Debates between John Whittingdale and Lindsay Hoyle during the 2019 Parliament

Oral Answers to Questions

Debate between John Whittingdale and Lindsay Hoyle
Thursday 18th March 2021

(7 months, 1 week ago)

Commons Chamber

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Department for Digital, Culture, Media and Sport
Lindsay Hoyle Portrait Mr Speaker
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I am not quite sure that the two are linked.

John Whittingdale Portrait Mr Whittingdale
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I am aware that my hon. Friend is a huge fan of Consett AFC, and of course he and his fellow fans are very excited about this historic match, which is due to take place in Wembley. We are working to try to get spectators back into stadiums as soon as possible. I fully understand his disappointment that it does not look as if it will be possible in time for the match, but I have no doubt that he and thousands of others will be cheering on his team from their sofas.

BBC

Debate between John Whittingdale and Lindsay Hoyle
Tuesday 21st July 2020

(1 year, 3 months ago)

Commons Chamber

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Department for Digital, Culture, Media and Sport
John Whittingdale Portrait The Minister for Media and Data (Mr John Whittingdale)
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7 Jul 2020, 10:30 a.m.

First, I congratulate the hon. Member for St Albans (Daisy Cooper) on obtaining this urgent question and demonstrating that persistence pays off.

The BBC has for decades played a vital role in this country’s cultural and civic life, and that has never been more true than during the last few months. During an unprecedented global crisis, it has helped to counter disinformation and share factual information about the coronavirus pandemic, while reinforcing important public health messaging. It has been a constant source of entertainment. It has helped to fundraise for charities through “The Big Night In”, which the Government match funded pound for pound, and it has helped countless families across the UK to educate their children from home through services such as BBC Bitesize.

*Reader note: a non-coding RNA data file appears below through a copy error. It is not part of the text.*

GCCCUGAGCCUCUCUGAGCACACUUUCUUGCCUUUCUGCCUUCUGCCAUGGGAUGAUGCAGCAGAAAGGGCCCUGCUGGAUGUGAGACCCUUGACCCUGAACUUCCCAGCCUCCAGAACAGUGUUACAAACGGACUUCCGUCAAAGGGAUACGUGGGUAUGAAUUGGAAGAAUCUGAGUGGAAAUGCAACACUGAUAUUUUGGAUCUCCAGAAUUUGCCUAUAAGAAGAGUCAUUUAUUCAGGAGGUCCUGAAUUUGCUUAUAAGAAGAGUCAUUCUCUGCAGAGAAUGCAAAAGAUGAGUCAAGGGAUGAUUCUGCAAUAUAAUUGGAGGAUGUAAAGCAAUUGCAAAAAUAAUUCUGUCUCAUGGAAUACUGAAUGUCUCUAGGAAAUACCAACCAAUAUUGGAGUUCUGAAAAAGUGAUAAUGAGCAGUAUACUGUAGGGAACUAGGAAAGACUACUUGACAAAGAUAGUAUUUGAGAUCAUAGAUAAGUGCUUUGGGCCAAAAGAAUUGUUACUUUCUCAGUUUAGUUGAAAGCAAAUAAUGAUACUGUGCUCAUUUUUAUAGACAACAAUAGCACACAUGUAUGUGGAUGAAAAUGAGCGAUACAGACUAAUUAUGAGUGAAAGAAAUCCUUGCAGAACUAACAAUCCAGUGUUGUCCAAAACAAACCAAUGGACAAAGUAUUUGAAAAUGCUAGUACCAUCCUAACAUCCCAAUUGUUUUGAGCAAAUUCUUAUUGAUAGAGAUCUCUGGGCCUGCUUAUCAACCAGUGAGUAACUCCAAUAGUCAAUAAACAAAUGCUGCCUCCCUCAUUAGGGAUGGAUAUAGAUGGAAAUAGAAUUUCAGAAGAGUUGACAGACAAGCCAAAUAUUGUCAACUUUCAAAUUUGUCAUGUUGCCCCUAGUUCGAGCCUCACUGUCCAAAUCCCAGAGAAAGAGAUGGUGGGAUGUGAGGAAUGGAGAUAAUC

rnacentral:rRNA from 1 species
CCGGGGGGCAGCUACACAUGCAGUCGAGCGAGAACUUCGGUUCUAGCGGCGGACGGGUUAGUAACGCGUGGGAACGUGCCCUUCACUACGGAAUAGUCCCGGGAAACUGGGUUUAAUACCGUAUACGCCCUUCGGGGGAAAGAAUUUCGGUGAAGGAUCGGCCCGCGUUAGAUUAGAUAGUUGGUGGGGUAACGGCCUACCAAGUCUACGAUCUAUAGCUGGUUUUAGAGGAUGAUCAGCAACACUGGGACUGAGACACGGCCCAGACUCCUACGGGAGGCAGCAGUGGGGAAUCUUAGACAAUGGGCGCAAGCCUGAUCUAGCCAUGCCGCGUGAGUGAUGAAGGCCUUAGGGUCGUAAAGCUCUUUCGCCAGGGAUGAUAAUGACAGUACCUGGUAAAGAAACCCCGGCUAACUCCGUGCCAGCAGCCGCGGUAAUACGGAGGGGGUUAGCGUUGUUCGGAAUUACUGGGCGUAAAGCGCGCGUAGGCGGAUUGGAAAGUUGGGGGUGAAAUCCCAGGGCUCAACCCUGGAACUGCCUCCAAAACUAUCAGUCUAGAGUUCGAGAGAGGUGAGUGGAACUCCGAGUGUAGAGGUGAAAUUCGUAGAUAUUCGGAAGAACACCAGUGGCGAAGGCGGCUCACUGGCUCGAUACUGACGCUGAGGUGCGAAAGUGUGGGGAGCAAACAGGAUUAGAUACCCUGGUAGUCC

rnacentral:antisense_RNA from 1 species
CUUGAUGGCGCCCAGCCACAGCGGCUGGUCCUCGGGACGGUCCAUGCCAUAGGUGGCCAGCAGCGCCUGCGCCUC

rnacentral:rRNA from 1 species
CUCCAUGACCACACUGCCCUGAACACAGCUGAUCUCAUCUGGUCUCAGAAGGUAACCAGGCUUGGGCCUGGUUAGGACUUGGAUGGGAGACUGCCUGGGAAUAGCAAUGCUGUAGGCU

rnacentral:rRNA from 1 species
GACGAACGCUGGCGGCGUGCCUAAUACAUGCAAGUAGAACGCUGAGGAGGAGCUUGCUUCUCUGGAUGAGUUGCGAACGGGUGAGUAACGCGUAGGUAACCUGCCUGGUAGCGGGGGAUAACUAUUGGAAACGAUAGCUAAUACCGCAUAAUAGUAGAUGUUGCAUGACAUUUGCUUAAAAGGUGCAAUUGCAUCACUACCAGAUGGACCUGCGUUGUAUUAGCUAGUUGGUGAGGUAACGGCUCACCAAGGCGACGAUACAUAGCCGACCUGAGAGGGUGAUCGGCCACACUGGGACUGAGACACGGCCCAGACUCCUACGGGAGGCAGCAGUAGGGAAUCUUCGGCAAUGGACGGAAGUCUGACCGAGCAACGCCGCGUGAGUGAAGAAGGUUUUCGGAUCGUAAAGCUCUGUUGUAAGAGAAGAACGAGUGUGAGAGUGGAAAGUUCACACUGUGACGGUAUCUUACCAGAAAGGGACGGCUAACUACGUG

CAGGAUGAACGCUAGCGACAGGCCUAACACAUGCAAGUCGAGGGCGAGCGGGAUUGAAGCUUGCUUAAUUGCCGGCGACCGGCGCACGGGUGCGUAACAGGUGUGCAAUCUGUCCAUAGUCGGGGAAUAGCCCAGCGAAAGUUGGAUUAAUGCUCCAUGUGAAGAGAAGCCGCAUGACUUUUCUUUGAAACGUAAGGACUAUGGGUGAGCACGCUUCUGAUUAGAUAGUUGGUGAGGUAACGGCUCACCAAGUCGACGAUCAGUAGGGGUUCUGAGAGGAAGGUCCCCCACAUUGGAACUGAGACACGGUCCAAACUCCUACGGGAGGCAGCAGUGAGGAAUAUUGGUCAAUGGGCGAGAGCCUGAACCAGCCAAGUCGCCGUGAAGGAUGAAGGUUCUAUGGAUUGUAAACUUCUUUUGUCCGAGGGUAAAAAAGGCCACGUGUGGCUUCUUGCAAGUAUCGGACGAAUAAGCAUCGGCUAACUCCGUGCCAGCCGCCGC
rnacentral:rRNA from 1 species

The BBC has also been a source of comfort to many during this pandemic, and none more so, perhaps, than those elderly citizens who have been forced to shield and stay at home and who are sadly most at risk of experiencing loneliness and isolation as they do so. That is why we welcomed the BBC’s initial decision at the beginning of the lockdown to continue to grant the licence fee concession to the over-75s, and it is why we were deeply disappointed when the BBC board announced earlier this month that it would be ending that concession from 1 August. As a result, four out of five of those previously eligible for a free TV licence will now need to pay. That is a decision for the BBC, but the Government regret the approach that it has taken.